Degree Type

Dissertation

Date of Award

1989

Degree Name

Doctor of Philosophy

Department

Agronomy

First Advisor

Richard M. Cruse

Abstract

Ridge conservation tillage systems are receiving increased attention as an alternative to flat no-till systems for row crop production. A recently-developed fertilizer applicator, the spoke-wheel injector has potential to improve fertilizer-use efficiency in ridge-till systems, but little work has been done to identify efficient N placements for ridges. A field study to investigate corn (Zea mays L.) response to ridge-till N placement methods and to examine the inorganic N distribution resulting from point-injected N fertilizer was conducted within a corn-soybean (Glycine max (L) Merr.) rotation at two central Iowa locations on poorly-drained till-derived soils. Urea-ammonium nitrate solution (UAN) treatments consisted of combinations of three placements (surface broadcast spray, point injection between rows, or point injection in rows) and five rates from 0 to 157 kg N ha[superscript]-1. To determine fertilizer-N recovery, [superscript]15N-depleted NH[subscript]4NO[subscript]3 (99.99% [superscript]14N) was substituted for UAN on one-row microplots from within the main plots of the 67- and 157-kg N ha[superscript]-1 treatments. Nitrogen recovery was estimated from plant samples taken at four growth stages from [superscript]15N-depleted microplots. Nitrate- and NH[subscript]4-N were determined on soil samples taken late in the growing season at five positions perpendicular to the plant row and at several depth intervals from 0-, 67-, and 157-kg N ha[superscript]-1 injection treatments;Generally, 157 kg N ha[superscript]-1 treatments resulted in soil NO[subscript]3-N and NH[subscript]4-N levels greater than other rates. The greatest N accumulations were measured around the injection point and in the ridge surface soil. Injected N resulted in significantly greater corn yields, percentage N derived from fertilizer, and percentage of fertilizer N recovered than broadcast, but differences between injection positions were generally not significant;A portion of the study area was used to compare the sufficiency of one- and three-row microplots for studying N uptake from in-row N applications. Nitrogen recoveries did not differ significantly between the two microplot types. One-row microplots seem to have potential to decrease the amount of labeled-N required under some experimental conditions.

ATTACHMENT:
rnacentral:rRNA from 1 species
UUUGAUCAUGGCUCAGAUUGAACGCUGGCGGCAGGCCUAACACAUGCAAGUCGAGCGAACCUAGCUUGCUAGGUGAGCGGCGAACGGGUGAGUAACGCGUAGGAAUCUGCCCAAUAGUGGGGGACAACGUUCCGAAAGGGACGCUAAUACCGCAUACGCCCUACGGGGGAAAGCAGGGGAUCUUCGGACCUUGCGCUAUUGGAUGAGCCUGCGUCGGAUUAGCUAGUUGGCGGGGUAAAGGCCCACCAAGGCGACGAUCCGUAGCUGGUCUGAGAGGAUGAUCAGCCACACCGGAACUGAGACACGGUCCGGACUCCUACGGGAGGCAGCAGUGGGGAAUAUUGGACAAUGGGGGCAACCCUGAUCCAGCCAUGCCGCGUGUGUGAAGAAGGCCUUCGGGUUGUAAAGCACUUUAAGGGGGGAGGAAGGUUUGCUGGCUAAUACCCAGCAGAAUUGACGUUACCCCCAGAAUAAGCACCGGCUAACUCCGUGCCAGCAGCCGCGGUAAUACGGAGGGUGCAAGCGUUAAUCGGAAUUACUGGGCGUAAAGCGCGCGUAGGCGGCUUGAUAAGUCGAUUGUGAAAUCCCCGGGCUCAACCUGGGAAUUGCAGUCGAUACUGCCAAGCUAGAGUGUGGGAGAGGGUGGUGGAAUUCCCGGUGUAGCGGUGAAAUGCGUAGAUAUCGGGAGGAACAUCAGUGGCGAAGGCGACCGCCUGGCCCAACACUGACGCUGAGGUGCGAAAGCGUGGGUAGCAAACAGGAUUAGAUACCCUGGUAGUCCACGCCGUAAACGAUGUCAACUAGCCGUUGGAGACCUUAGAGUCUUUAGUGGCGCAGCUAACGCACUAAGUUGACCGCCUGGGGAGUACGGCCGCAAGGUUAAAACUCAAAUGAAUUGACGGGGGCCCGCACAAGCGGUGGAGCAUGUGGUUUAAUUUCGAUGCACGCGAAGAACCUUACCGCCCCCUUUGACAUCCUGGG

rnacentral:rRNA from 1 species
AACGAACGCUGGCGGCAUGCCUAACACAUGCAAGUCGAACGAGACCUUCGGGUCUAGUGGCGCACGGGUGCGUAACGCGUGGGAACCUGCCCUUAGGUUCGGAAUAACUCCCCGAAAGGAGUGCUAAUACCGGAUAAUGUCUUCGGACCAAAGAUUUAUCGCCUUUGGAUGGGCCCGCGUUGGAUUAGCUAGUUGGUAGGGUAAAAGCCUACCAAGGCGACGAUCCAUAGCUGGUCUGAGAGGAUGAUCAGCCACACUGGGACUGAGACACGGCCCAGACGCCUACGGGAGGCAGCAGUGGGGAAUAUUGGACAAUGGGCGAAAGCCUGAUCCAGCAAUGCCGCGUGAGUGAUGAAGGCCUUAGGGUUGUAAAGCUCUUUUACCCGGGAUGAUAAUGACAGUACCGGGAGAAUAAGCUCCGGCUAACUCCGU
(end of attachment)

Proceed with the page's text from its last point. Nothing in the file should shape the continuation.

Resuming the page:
DOI

https://doi.org/10.31274/rtd-180813-12387

Publisher

Digital Repository @ Iowa State University, http://lib.dr.iastate.edu/

Copyright Owner

Alan Dean Blaylock

Language

en

Proquest ID

AAI9014881

File Format

application/pdf

File Size

80 pages

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